18.05.2020 Article in Security Insider from Stephan Schweizer
The concept of the password goes back a long way – even Ali Baba gained unauthorized access to the cave of the thieves with the magic words “Open Sesame!”. This article describes the development of the password from then to now, explains why passwords are outdated and takes a look at the password-free future with biometric alternatives.
“Open Sesame!” – these magic words gave Ali Baba access to the thieves’ treasure trove and is an original form of the password. In ancient Rome, in the magical world of Harry Potter, in the military and in numerous fairy tales and films, magic words and formulas are also used for access control. Consequently, the concept of the password did not just emerge in the course of digitalization, although it has since become increasingly important and has become an integral part of the everyday life of Internet users. Today’s treasure troves to be protected include online accounts, e-mail inboxes, social media profiles, cloud storage and online shop applications. The treasuries contain not only material things, but also sensitive personal information, images and memories. The more content Internet users share with online applications, the more important it is to protect the digital treasure troves.
The rise and fall of passwords
In contrast to antiquity or the early Middle Ages, today everyone has a multitude of treasure chambers that need to be secured. The magic words are “12345”, “hello”, “password” or “f3gh4mnl7op!1e”. Welcome to the age of 1001 passwords. There is a dichotomy between security and user-friendliness, because easily remembered passwords are also easy to guess. However, passwords that are used multiple times are not a good solution either, and invite the thieves of modern times, also known as hackers, into other people’s treasure troves.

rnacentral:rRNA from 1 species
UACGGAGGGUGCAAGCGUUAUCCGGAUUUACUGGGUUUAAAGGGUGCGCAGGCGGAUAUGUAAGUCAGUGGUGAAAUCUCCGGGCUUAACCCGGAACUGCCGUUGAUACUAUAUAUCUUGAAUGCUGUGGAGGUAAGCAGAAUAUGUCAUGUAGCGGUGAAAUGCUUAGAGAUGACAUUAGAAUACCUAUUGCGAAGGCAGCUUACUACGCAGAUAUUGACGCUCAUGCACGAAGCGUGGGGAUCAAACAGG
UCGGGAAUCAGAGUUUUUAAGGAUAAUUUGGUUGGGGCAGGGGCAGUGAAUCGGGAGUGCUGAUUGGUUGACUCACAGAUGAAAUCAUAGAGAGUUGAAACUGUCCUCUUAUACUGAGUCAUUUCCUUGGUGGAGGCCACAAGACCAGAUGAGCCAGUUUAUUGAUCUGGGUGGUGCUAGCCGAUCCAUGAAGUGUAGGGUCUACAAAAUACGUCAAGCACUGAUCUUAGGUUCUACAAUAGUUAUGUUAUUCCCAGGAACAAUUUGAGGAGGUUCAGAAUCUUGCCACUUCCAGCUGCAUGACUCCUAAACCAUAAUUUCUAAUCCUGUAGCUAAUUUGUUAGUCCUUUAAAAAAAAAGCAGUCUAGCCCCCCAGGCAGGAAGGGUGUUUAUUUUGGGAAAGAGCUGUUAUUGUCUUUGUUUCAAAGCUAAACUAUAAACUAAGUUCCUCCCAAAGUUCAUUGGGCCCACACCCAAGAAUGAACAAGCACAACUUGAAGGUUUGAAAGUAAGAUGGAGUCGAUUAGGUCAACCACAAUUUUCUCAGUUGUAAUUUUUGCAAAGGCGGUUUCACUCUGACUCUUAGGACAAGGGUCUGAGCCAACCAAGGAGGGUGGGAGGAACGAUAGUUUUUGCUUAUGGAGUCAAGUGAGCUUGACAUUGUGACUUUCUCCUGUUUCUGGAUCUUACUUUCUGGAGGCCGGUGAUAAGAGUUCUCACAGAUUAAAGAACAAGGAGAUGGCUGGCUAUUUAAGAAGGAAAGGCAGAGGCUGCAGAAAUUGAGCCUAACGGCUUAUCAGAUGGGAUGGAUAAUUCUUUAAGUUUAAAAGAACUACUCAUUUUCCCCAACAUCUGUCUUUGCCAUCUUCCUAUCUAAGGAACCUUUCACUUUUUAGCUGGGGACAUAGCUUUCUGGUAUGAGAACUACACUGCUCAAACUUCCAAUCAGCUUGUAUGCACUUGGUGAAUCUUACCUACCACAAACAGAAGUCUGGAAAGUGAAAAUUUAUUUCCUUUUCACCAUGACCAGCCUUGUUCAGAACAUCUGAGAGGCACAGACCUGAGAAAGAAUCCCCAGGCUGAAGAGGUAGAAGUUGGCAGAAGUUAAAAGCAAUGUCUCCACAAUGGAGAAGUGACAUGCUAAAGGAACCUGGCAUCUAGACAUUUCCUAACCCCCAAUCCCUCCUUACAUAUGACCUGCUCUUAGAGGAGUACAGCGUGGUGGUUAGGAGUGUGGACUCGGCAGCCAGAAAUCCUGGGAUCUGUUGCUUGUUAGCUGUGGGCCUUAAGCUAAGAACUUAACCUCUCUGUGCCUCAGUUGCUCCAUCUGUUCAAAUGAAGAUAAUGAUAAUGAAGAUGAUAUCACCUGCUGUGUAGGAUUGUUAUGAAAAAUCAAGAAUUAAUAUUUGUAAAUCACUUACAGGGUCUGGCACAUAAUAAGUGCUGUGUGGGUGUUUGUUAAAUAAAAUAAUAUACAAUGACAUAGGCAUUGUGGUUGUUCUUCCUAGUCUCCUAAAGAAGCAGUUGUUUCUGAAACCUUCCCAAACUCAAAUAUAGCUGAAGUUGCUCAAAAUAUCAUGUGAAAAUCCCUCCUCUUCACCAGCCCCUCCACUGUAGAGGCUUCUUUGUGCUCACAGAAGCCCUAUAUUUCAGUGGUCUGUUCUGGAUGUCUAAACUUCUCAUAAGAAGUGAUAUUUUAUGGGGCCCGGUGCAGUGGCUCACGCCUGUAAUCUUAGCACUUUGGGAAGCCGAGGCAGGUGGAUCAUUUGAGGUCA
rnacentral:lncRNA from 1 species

After all, the thieves have also perfected their methods, although the approach then and now is similar. Back then, hundreds of years ago, attackers relied mainly on guessing passwords, i.e. brute force attacks of the simple kind, or on the weaknesses of the victims, i.e. social engineering attacks. Both methods still have a high success rate today. The range of social engineering attacks extends from phishing to CEO fraud and is the most popular attack method used by hackers with the aim of stealing passwords. Brute force attacks are based on the trial and error principle and can occur, for example, with the help of a password list in the form of a dictionary attack. Other popular methods are SQL injections and keylogging.
When the first hacker attacks took place in the 1980s, it was not yet foreseeable that cyber security and cyber crime would become the basis of a billion-dollar business only a few years later. In 2018 alone, German companies spent 4.1 billion euros for the first time on hardware, software and services in the IT security sector. And in view of the rising number of cyber attacks worldwide, the trend is still upwards. But private individuals are also affected: In 2018, 19 million people in Germany became victims of cybercrime.
Biometrics – the magic formula of the future
The good news is that not only hackers are becoming more sophisticated, but also the methods of cyber defence. One of these is biometric authentication, which is already being used regularly by many users, for example when unlocking mobile devices or notebooks using fingerprints or face recognition. This type of authentication combines the highest security standards with user-friendliness, because the obligatory forgetting and resetting of passwords is now history.
Biometrics is also a decisive factor during an online session, because the risk of a cyber attack is always present. With a customer identity access management (CIAM) solution, continuous behaviour analytics is possible thanks to an integrated machine learning process. Personal metric data such as keystrokes, typing speed, touch screen pressure and swiping behavior are recorded and compared with the user profile, which is precisely created after a few sessions. In this way, the user can be automatically authenticated at any point in the online session without disruptive interruptions.
Biometrics is therefore a decisive factor in the IT security of the future, as biometric features cannot be forgotten, stolen or passed on. Ideally, internet users will have a digital identity based on biometric features that they can use to authenticate themselves in all services and applications and that they can also use for access controls on company premises, airport controls or payment transactions.
Thanks to biometric authentication, magic and passwords like “Open Sesame!” could soon be history. And even if Ali Baba’s tale might have been less exciting under the circumstances, since Ali Baba would have already failed at the rock gate of the treasury or would have been convicted in the cave of the thieves due to unauthorized access at the latest, a password-free future is inevitable. Because 1001 passwords are too many for any good memory artist.